Lord Of The Flies: Man Is Savage At Heart Essay, Research Paper
Lord of the Flies: Man Is Savage at Heart
Copyright (C) 1996 By Kevin McKillop
A running theme in Lord of the Flies is that man is savage at heart, always
ultimately reverting back to an evil and primitive nature. The cycle of man’s
rise to power, or righteousness, and his inevitable fall from grace is an
important point that book proves again and again, often comparing man with
characters from the Bible to give a more vivid picture of his descent. Lord Of
The Flies symbolizes this fall in different manners, ranging from the
illustration of the mentality of actual primitive man to the reflections of a
corrupt seaman in purgatory.
The novel is the story of a group of boys of different backgrounds who are
marooned on an unknown island when their plane crashes. As the boys try to
organize and formulate a plan to get rescued, they begin to separate and as a
result of the dissension a band of savage tribal hunters is formed. Eventually
the “stranded boys in Lord of the Flies almost entirely shake off civilized
behavior: (Riley 1: 119). When the confusion finally leads to a manhunt [for
Ralph], the reader realizes that despite the strong sense of British character
and civility that has been instilled in the youth throughout their lives, the
boys have backpedaled and shown the underlying savage side existent in all
humans. “Golding senses that institutions and order imposed from without are
temporary, but man’s irrationality and urge for destruction are enduring” (Riley
1: 119). The novel shows the reader how easy it is to revert back to the evil
nature inherent in man. If a group of well-conditioned school boys can
ultimately wind up committing various extreme travesties, one can imagine what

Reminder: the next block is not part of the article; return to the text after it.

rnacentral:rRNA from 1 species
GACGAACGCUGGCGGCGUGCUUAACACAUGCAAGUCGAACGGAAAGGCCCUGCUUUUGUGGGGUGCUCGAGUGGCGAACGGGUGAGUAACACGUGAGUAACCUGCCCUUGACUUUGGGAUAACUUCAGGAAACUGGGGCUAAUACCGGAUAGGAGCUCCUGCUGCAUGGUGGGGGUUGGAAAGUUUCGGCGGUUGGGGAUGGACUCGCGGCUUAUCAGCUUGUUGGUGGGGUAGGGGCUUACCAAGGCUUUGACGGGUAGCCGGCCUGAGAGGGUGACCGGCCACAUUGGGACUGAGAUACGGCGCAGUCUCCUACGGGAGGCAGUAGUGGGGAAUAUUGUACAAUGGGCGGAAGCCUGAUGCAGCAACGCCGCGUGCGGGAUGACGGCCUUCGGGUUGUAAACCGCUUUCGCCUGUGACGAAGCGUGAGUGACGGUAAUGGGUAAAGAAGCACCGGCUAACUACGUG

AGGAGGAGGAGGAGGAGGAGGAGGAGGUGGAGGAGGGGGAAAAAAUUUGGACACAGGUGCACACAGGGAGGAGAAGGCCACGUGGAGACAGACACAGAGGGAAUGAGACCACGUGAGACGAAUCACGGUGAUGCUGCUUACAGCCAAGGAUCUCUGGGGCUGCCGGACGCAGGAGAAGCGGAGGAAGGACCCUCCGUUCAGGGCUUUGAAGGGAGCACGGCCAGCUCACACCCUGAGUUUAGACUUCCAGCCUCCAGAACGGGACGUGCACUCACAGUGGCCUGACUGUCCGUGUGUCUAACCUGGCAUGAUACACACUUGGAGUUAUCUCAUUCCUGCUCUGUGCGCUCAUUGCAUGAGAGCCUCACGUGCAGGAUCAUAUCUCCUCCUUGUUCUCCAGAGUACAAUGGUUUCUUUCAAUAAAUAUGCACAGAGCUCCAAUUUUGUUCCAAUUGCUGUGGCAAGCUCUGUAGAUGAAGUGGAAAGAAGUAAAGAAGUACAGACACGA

adults, leaders of society, are capable of doing under the pressures of trying
to maintain world relations.
Lord of the Flies’s apprehension of evil is such that it touches
the nerve of contemporary horror as no English novel of its time has
done; it takes us, through symbolism, into a world of active,
proliferating evil which is seen, one feels, as the natural condition of
man and which is bound to remind the reader of the vilest manifestations
of Nazi regression (Riley 1: 120).
In the novel, Simon is a peaceful lad who tries to show the boys that there is
no monster on the island except the fears that the boys have. “Simon tries to
state the truth: there is a beast, but ‘it’s only us’” (Baker 11). When he
makes this revelation, he is ridiculed. This is an uncanny parallel to the
misunderstanding that Christ had to deal with throughout his life. Later in the
story, the savage hunters are chasing a pig. Once they kill the pig, they put
its head on a stick and Simon experiences an epiphany in which he “sees the
perennial fall which is the central reality of our history: the defeat of reason
and the release of… madness in souls wounded by fear” (Baker 12). As Simon
rushes to the campfire to tell the boys of his discovery, he is hit in the side